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Tuesday, 28 November 2017
Page: 9083


Senator FAWCETT (South AustraliaDeputy Government Whip in the Senate) (19:02): I want to respond quickly to a couple of those comments. As senators would be aware, I chair the Joint Standing Committee on Foreign Affairs, Defence and Trade. Following on from the Senate select committee inquiry and the evidence there that said religious freedom wasn't adequately protected in Australia, the Human Rights Subcommittee has been conducting an inquiry. Whilst I can't talk to the content of the report, which will be coming out very soon, what I can say is that the evidence given to that inquiry, including by the Australian Human Rights Commission, indicates that the protections for religious freedom in Australia are indeed lacking, in both consistency and substance, and the interplay between federal and state laws is an issue. The United Nations' sixth periodic review of Australia likewise highlighted that Australia has very poorly implemented any protections for religious freedom in law. That is why we have the issue that state antidiscrimination provisions are the things causing detriment to people, not so much federal law. While Senator Rice made the point that nothing in this bill will lead to an issue for people of faith, it is the action of state and territory antidiscrimination laws that is already, even before the law has changed, causing issues. My colleague Senator Smith said, 'Why don't you go to New Zealand and see the sky hasn't fallen in?' You don't have to go that far. Just go to Tasmania.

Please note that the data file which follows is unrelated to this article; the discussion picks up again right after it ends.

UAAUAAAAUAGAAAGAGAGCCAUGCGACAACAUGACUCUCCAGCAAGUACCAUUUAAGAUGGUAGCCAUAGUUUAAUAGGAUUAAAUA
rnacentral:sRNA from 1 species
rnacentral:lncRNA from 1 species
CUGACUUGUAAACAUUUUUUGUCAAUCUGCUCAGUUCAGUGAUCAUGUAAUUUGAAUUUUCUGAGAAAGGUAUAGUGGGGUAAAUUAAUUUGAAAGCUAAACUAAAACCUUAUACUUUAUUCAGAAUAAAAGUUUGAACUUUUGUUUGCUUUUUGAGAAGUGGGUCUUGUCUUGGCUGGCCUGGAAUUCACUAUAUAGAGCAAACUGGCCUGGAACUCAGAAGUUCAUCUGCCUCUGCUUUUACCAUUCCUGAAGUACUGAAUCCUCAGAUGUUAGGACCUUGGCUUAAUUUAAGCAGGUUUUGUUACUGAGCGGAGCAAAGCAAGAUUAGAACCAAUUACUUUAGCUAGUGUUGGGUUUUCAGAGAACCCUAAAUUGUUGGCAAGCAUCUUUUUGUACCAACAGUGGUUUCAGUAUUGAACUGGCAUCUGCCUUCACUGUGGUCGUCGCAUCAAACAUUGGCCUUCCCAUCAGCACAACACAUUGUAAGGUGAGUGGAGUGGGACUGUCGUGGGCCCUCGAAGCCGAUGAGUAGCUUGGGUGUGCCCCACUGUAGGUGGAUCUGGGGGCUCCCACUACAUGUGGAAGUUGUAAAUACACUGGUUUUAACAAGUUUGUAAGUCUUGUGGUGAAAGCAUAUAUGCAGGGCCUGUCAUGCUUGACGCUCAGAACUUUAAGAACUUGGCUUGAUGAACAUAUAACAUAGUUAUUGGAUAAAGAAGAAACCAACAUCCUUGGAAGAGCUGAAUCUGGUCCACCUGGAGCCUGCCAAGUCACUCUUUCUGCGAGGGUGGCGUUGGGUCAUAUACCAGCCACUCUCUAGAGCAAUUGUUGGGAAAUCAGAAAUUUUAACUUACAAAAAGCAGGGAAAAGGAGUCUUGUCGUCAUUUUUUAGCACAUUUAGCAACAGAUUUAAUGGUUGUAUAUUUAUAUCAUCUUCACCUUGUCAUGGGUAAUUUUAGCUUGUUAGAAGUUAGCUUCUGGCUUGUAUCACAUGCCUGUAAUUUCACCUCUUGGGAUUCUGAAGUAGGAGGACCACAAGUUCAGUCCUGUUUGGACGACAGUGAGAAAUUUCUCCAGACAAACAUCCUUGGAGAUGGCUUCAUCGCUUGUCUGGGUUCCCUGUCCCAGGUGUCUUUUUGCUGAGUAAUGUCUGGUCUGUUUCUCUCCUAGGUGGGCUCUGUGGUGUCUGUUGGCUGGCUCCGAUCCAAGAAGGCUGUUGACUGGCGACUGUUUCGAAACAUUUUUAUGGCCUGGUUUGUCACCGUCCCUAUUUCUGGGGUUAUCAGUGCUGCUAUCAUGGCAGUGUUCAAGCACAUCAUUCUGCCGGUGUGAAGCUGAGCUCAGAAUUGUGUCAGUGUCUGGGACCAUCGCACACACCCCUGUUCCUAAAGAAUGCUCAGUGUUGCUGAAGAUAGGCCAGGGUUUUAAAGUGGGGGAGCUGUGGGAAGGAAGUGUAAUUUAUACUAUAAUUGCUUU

We heard from Senator Rice that we should stop referring to Archbishop Porteous. I won't. How about we refer to Mr Markham and Mr Gee, two gentlemen who have been taken before the commission in Tasmania because they put forward their support for traditional marriage?

Unlike Archbishop Porteous, who had the Catholic Church, with relatively deep pockets, to fork out the tens of thousands of dollars for their legal fees, here we have two people who are genuinely not highly paid in the professions they do, and tens of thousands of dollars could indeed prove to be devastating for them in terms of their family finances, mortgages, houses et cetera. Figuratively, for those people, the sky may well fall in terms of what they are exposed to currently. This is not an overseas jurisdiction. This is happening right now in Australia to two people who have expressed their view about the traditional definition of marriage. So this is not a figment and not a forecast from somewhere else; this is happening right now. The concern with pushing things off into an inquiry, as we heard from Senator Fierravanti-Wells, and as has been acknowledged the last time we tried to align antidiscrimination laws, is that it takes a long time.

I have one other comment to Senator Smith, who said, 'This government bill.' I remind senators that it didn't go through the cabinet or the party room. It was not a government draft bill that was put out with the provisions for the plebiscite, which were not supported in this place. Finally, there is another amendment which deals with charities. I will talk about that in more detail later.